This is another plant that may help ease arthritis symptoms. We all know of its zingy flavor used to enhance tea, soups, and confectionary, but if it does us good as well, there’s even more reason to include it in our diet. Eat fresh, dried or powdered ginger to help our bodies combat the symptoms of arthritis.


Broccoli and its other brassica relatives such as cabbage, cauliflower, spinach, and others are probably some of the best health-giving foodstuffs you can eat. Not only are they full of vitamins, minerals and edible fiber that our bodies need to be healthy, they also contain components such as sulforaphane which may have anti-inflammatory properties.


Walnuts are full of nutrients but also contain high levels of omega-3 fatty acids, which as we saw earlier has a marked effect on arthritis symptoms as well as reducing inflammation.


Berries are full of all types of vitamins and minerals, but they are especially high in antioxidants, which decrease arthritis inflammation. There are many types of berries you can choose from to add to your diet. Common ones include strawberries, grapes, raspberries, blackberries, cranberries, and blueberries. It doesn’t matter which ones you choose, or how about having an assortment?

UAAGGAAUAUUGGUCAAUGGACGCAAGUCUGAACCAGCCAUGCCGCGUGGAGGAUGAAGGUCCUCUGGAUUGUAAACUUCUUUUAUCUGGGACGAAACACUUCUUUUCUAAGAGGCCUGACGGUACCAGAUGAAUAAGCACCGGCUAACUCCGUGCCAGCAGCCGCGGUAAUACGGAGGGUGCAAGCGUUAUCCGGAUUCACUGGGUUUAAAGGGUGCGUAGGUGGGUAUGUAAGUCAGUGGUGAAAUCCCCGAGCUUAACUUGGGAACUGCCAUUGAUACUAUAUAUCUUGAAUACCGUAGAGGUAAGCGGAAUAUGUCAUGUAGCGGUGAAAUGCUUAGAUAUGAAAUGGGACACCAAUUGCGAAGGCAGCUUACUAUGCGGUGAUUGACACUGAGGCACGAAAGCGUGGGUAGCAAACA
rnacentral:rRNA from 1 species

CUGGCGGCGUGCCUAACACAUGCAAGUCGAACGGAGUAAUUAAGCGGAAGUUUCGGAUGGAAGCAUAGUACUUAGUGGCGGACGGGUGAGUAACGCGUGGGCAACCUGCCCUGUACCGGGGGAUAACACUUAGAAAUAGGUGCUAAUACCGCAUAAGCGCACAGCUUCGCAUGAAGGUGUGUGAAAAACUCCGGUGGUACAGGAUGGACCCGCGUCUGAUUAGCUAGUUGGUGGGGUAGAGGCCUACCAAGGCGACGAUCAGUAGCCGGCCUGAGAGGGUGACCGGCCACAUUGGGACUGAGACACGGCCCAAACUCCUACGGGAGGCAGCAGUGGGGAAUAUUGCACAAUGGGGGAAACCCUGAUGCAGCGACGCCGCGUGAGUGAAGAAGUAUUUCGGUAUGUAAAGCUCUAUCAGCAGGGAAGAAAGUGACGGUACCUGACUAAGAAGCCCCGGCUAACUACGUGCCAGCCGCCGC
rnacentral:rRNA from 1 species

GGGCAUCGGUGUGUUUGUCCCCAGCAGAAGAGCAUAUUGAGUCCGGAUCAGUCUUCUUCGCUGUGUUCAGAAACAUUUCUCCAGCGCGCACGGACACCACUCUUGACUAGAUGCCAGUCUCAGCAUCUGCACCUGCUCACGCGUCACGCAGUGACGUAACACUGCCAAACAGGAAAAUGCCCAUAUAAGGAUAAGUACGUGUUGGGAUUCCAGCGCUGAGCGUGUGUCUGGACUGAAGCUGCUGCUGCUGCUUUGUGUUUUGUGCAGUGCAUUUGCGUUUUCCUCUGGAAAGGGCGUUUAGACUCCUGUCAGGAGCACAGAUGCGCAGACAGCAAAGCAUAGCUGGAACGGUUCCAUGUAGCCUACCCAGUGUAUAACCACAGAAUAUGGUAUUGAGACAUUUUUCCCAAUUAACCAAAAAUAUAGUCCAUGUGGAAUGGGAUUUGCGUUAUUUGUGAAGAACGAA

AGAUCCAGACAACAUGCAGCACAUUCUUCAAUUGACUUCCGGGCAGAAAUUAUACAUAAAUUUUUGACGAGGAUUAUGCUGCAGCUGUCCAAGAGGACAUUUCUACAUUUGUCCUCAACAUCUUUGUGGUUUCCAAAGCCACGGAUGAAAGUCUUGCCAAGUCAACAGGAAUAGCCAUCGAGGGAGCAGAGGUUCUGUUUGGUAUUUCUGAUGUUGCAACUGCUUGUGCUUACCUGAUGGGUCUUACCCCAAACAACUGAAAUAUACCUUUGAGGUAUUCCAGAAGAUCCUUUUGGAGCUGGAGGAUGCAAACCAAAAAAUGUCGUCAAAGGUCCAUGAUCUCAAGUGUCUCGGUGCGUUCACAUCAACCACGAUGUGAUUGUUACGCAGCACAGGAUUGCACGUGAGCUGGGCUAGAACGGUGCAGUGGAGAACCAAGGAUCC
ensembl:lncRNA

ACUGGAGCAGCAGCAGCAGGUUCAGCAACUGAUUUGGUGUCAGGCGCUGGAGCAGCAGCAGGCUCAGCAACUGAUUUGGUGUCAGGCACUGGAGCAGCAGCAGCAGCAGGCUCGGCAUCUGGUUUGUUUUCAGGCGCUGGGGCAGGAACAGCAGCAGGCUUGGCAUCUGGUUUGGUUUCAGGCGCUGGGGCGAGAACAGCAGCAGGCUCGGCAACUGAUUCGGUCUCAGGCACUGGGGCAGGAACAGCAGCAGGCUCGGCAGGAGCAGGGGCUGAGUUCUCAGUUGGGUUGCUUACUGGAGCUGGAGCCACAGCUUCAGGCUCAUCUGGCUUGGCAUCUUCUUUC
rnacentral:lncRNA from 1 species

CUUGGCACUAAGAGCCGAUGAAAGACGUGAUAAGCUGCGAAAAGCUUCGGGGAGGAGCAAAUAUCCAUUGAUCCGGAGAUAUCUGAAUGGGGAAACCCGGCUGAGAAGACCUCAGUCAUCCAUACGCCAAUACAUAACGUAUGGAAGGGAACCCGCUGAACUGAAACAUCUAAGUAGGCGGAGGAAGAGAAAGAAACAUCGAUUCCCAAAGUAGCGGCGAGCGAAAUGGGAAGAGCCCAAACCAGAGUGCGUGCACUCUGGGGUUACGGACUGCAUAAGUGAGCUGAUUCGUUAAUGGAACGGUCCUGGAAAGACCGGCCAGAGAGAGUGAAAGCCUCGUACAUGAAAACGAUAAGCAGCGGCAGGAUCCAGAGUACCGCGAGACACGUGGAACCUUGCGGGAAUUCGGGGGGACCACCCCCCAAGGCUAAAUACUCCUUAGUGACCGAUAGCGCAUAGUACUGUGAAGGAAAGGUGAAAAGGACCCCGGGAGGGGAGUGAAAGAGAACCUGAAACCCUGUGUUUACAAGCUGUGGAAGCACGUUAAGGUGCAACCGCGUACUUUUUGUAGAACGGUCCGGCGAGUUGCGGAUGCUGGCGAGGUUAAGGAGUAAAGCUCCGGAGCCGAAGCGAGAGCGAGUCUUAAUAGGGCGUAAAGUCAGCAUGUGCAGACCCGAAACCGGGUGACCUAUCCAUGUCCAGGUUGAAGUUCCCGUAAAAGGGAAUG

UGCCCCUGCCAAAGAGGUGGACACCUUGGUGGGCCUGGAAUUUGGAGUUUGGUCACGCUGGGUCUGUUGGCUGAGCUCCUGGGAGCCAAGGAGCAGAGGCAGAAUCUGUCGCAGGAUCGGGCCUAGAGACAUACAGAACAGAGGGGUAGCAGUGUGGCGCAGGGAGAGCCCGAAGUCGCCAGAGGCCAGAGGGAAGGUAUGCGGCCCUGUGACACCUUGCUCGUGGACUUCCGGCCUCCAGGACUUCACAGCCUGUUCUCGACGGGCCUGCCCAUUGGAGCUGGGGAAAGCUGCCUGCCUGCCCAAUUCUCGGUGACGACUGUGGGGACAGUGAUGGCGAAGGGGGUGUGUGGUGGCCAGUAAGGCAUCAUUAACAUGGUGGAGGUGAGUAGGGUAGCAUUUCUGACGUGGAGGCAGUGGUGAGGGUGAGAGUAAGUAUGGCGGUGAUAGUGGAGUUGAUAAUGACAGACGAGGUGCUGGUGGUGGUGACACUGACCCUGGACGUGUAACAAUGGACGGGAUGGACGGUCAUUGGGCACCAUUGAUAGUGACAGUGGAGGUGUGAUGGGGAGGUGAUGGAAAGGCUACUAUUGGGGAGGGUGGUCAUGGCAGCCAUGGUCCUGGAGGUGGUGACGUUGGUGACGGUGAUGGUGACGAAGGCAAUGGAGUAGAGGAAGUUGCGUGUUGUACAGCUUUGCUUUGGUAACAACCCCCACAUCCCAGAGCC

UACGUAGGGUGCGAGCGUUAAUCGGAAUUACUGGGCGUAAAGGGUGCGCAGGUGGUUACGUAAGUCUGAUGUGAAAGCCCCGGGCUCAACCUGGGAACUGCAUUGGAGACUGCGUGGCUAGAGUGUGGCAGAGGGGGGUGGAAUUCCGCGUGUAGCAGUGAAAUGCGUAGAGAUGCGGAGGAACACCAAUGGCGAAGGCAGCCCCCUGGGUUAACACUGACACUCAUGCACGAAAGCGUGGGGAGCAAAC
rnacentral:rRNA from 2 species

Olive Oil

This foodstuff is well known for its health-giving properties, but it also may have a beneficial effect on arthritis symptoms and reduce the progress of arthritis. You can either use it in cooking or make a simple salad dressing.

Foods to Avoid:

Processed Foods

As a general rule, prepackaged meals and snacks usually contain partially hydrogenated fats. These tend to trigger systemic inflammation and increase the likelihood of painful arthritis symptoms. They also contain high levels of salt, sugar, and preservatives which are also bad for arthritis.

Omega-6 Fatty Acids

Don’t confuse these with Omega-3 fatty acids. They are present in corn, peanuts, sunflower, and soya, as well as in most types of meat. Although Omega-6 is beneficial in small quantities, excessive consumption may trigger inflammation.

Sugar and Its Alternatives

Refined sugar and foods that contain it, such as confectionery, pastries, candy, soda, and fruit juices trigger the release of cytokine proteins in the body that cause inflammation. When you look at food labels, don’t only look out for sugar, watch for corn syrup, sucrose, fructose, and maltose.

This doesn’t mean that you can turn to sugar alternatives such as aspartame and sucralose. Some people are sensitive to these and may cause an inflammation response in the body. You’ll find these alternatives in diet sodas, sugar-free gum and candy, low-fat yogurt and similar sugar-free foodstuffs.

Red Meat and Fried Foods

Many types of meat are high in saturated fats which lead to high cholesterol and inflammation. Meat also contains ‘Advanced Glycation End Products’ which when subject to grilling, roasting, and frying stimulate inflammation. 

Other fried foods such as French fries and donuts also contain saturated fats and aggravate inflammation.

Refined Carbohydrates